"After nearly 14 years and his recent attempt to override the Bolivian constitution and the will of the people, Morales’s departure preserves democracy and paves the way for the Bolivian people to have their voices heard," reads the statement released by the White House. "The United States applauds the Bolivian people for demanding freedom and the Bolivian military for abiding by its oath to protect not just a single person, but Bolivia’s constitution.
"These events send a strong signal to the illegitimate regimes in Venezuela and Nicaragua that democracy and the will of the people will always prevail. We are now one step closer to a completely democratic, prosperous, and free Western Hemisphere," the statement concludes.
Trump's statement comes after Morales announced he was stepping down from his presidential post over the weekend after Gen. Williams Kaliman, the army chief of the Bolivian military, called on the former cocalero activist to resign and "allow for pacification and the maintaining of stability."
A spokesperson with the US State Department chimed in on the matter, telling reporters during a Monday news briefing that the US has no preference among the candidates for the Bolivian presidency.
The South American country has been rattled for weeks by anti-government protests after reports of election fraud emerged following a result count that was ceased for a period for several hours, later to resume with Morales slightly ahead of his contenders. Talk of election fraud was further bolstered by the Organization of the American States's(OAS) recent report that found "clear manipulations" of the voting system used in the presidential election.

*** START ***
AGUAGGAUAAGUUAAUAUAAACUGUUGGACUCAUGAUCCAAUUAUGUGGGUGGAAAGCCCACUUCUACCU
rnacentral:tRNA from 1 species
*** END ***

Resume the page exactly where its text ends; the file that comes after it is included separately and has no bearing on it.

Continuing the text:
Aside from Morales, Bolivia's Vice President Alvaro Garcia and Senate President Adrianna Salvatierra and Victor Borda, the president of the lower house of parliament, have also resigned. Presently, opposition leader Jeanine Anez Chavez will be taking up the reins as Bolivia's interim leader. Anez Chavez has indicated that new elections must be held by January 22, 2020.
Despite the recent developments, Morales has remained defiant, using social media to accuse opposition leaders Carlos Mesa and Luis Fernando Camacho of orchestrating a coup against his leadership. Mesa, however, has stated that Morales' resignation was the result of a popular uprising - not the military.
Reaction from world leaders of the weekend's developments have been mixed, with Mexican Foreign Minister Marcelo Ebrard stating that the events that unfolded were a "military coup."
The OAS announced Monday that it will hold a special meeting on Tuesday regarding the situation in Bolivia at its Washington headquarters. The session was called for by the US, Venezuela, Brazil, Canada, Colombia, Guatemala, Peru and the Dominican Republic.
More about: #Bolivia